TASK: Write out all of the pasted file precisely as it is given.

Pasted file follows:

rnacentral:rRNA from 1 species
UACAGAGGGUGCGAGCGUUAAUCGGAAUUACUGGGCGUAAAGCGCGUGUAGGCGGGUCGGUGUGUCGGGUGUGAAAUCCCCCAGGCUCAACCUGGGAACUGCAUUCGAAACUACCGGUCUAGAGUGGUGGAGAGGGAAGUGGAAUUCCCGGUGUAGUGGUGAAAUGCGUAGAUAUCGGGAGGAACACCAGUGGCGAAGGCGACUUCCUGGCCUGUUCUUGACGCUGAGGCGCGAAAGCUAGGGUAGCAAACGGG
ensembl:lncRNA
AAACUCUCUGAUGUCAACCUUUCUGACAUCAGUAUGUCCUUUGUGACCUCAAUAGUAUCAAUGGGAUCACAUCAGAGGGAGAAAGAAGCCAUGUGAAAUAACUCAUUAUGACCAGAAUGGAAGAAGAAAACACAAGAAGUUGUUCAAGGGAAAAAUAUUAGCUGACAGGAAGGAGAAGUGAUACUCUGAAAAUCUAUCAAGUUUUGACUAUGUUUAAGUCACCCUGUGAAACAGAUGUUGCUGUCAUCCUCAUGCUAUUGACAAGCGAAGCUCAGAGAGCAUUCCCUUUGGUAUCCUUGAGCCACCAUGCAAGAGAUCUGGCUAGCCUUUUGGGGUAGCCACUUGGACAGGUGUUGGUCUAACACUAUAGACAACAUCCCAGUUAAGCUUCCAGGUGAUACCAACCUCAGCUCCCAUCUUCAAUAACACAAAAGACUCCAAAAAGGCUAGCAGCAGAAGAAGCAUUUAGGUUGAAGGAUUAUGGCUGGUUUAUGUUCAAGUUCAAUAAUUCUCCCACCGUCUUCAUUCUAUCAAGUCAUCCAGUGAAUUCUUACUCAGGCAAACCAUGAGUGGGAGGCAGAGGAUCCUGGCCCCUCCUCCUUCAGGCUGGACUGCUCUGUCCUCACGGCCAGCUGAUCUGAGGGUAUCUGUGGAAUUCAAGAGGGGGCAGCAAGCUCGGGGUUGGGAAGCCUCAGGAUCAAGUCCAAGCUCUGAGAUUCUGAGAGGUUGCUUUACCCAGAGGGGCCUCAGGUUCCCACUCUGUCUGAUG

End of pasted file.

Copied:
rnacentral:rRNA from 1 species
UACAGAGGGUGCGAGCGUUAAUCGGAAUUACUGGGCGUAAAGCGCGUGUAGGCGGGUCGGUGUGUCGGGUGUGAAAUCCCCCAGGCUCAACCUGGGAACUGCAUUCGAAACUACCGGUCUAGAGUGGUGGAGAGGGAAGUGGAAUUCCCGGUGUAGUGGUGAAAUGCGUAGAUAUCGGGAGGAACACCAGUGGCGAAGGCGACUUCCUGGCCUGUUCUUGACGCUGAGGCGCGAAAGCUAGGGUAGCAAACGGG
ensembl:lncRNA
AAACUCUCUGAUGUCAACCUUUCUGACAUCAGUAUGUCCUUUGUGACCUCAAUAGUAUCAAUGGGAUCACAUCAGAGGGAGAAAGAAGCCAUGUGAAAUAACUCAUUAUGACCAGAAUGGAAGAAGAAAACACAAGAAGUUGUUCAAGGGAAAAAUAUUAGCUGACAGGAAGGAGAAGUGAUACUCUGAAAAUCUAUCAAGUUUUGACUAUGUUUAAGUCACCCUGUGAAACAGAUGUUGCUGUCAUCCUCAUGCUAUUGACAAGCGAAGCUCAGAGAGCAUUCCCUUUGGUAUCCUUGAGCCACCAUGCAAGAGAUCUGGCUAGCCUUUUGGGGUAGCCACUUGGACAGGUGUUGGUCUAACACUAUAGACAACAUCCCAGUUAAGCUUCCAGGUGAUACCAACCUCAGCUCCCAUCUUCAAUAACACAAAAGACUCCAAAAAGGCUAGCAGCAGAAGAAGCAUUUAGGUUGAAGGAUUAUGGCUGGUUUAUGUUCAAGUUCAAUAAUUCUCCCACCGUCUUCAUUCUAUCAAGUCAUCCAGUGAAUUCUUACUCAGGCAAACCAUGAGUGGGAGGCAGAGGAUCCUGGCCCCUCCUCCUUCAGGCUGGACUGCUCUGUCCUCACGGCCAGCUGAUCUGAGGGUAUCUGUGGAAUUCAAGAGGGGGCAGCAAGCUCGGGGUUGGGAAGCCUCAGGAUCAAGUCCAAGCUCUGAGAUUCUGAGAGGUUGCUUUACCCAGAGGGGCCUCAGGUUCCCACUCUGUCUGAUG